interview Tha Alkaholiks - Firewater | Review By: Shaun

Release Date : January 24th 2006
Label : Waxploitation
Rating: 3/5


Note: There were tracks missing from the advance copy, including “Do It,” “Get Into It” and “On Tha Floor.” Hence, the final rating is based only on the other 11 tracks.

January 24, 2006 marks the release date for Tha Liks fifth – and supposedly final – album “Firewater.” The group’s split appears amicable and the three do plan on working together on their future solo projects. Tash sets the record straight on the track “Party Ya A-- Off:”

“I know ya’ll heard the rumors ‘bout the alkies grand finale
How J-Ro, Shy-Swift and Tash moved out of Cali
Half that s--- is true, half that s--- is true lies
It’ll be a cold day in hell before the Likwit Crew divides
All I can say is save some space for me
(We the best that’s ever been) and bow out gracefully
We three different solo careers about to blast off
But right about now we ‘bout to party ya a-- off”

As usual, Tash leads the way lyrically. J-Ro’s never been weak, but I’m still waiting for him to come up with something to the level of what he spit on “The Next Level,” a truly classic verse:

“You’s a n---- everybody diss ‘cause you can't bust this
You got a bad name like Dick Butki(u)s
Welcome to the next level, of rhyme flowin’, scratchin’, hookin’ up beats and ho catchin’ Every time I come home I got 50 messages
I only call back the girls with big, big breastesses
Ooh, I got biddies, in all the major cities
The safest way to have sex is right between her t------”

The beats and lyrics are pretty much what we’ve come to expect from this Los Angeles based trio. Tha Liks don’t hide from who they are and they’ve never strayed far from the likwit formula: alcohol fueled rhymes and great one liners, plenty of bass and mixing with a little guitar mixed in here and there. This album’s biggest problem may be the lackluster hooks that appear on a few of the tracks.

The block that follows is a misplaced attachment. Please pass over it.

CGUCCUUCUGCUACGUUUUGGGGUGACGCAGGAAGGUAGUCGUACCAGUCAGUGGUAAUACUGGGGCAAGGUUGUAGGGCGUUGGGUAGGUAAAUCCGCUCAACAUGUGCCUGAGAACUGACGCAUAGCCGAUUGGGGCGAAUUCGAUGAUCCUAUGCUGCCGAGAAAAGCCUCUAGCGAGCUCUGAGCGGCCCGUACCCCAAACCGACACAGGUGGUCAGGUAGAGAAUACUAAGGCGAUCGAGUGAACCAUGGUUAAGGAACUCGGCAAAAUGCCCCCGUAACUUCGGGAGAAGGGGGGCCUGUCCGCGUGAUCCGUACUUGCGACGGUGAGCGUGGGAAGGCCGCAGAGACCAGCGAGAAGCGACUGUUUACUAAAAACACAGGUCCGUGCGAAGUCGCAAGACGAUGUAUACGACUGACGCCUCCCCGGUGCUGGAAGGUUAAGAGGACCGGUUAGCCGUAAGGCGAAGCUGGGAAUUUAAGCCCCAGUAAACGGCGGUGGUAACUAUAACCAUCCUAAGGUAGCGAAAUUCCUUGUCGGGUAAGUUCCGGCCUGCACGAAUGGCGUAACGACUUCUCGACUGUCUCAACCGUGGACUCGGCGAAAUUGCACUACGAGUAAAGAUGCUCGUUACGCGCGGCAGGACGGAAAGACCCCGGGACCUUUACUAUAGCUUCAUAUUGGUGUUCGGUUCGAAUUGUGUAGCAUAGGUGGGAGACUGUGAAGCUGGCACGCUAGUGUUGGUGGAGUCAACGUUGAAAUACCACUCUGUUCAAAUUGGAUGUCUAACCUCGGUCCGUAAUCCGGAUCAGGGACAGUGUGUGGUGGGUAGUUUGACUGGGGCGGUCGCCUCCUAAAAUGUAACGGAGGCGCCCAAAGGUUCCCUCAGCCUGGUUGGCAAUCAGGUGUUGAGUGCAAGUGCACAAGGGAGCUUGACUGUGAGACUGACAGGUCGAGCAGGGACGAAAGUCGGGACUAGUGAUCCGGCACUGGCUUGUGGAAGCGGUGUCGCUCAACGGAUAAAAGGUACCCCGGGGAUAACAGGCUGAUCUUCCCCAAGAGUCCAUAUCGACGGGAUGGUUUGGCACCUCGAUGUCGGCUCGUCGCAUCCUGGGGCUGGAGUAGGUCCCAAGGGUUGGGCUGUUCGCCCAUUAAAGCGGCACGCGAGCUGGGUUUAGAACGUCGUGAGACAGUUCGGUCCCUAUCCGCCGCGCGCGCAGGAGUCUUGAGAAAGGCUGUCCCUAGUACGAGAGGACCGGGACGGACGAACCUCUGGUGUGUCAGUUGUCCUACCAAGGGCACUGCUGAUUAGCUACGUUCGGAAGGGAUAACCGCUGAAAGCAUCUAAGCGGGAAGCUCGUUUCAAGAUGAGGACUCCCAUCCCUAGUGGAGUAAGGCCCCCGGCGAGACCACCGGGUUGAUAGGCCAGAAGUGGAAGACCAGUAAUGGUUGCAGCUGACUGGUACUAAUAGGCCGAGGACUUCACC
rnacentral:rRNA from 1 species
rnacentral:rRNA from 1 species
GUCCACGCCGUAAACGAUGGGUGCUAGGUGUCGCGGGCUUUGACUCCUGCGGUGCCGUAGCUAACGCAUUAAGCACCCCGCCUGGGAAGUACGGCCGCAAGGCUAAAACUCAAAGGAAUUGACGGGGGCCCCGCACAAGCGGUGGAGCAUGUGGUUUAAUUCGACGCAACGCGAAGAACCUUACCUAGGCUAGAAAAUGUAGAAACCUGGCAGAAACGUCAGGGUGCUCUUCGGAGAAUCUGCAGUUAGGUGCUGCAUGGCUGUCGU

Another problem this album suffers from is the lack of star power guest appearances that we’re used to seeing. Tash’s solo, “Rap Life,” had an incredible lineup of guest appearances and Tha Liks have done some great songs with other artists in the past. You won’t find any songs with artists like ODB, Raekwon, Big Boi, Xzibit, Bustah Rhymes, or Kurupt. That’s not a slight to King T, Bishop Lamont or Stylistik Jones. In fact, the songs they appear on are two of the best tracks on the album. King T flows on “Over Here,” a song that samples an old Beastie Boys track. A B-Boys/Liks collaboration would have been truly intriguing. That could have been the ultimate party song of all time, and certainly worthy of Tha Liks last go around.

This may be Tha Liks last album, which is definitely a sad thing. But, if the trio’s future solo projects are of the same quality as Tash’s “Rap Life,” there’s still a lot to look forward to. “Rap Life” came out in late 1999 and was one of the best albums of that ‘99-‘00 time period. I’m expecting more of the same in the future from all three members.


Enter Your Email Address
To Receive Our
Free Newsletter!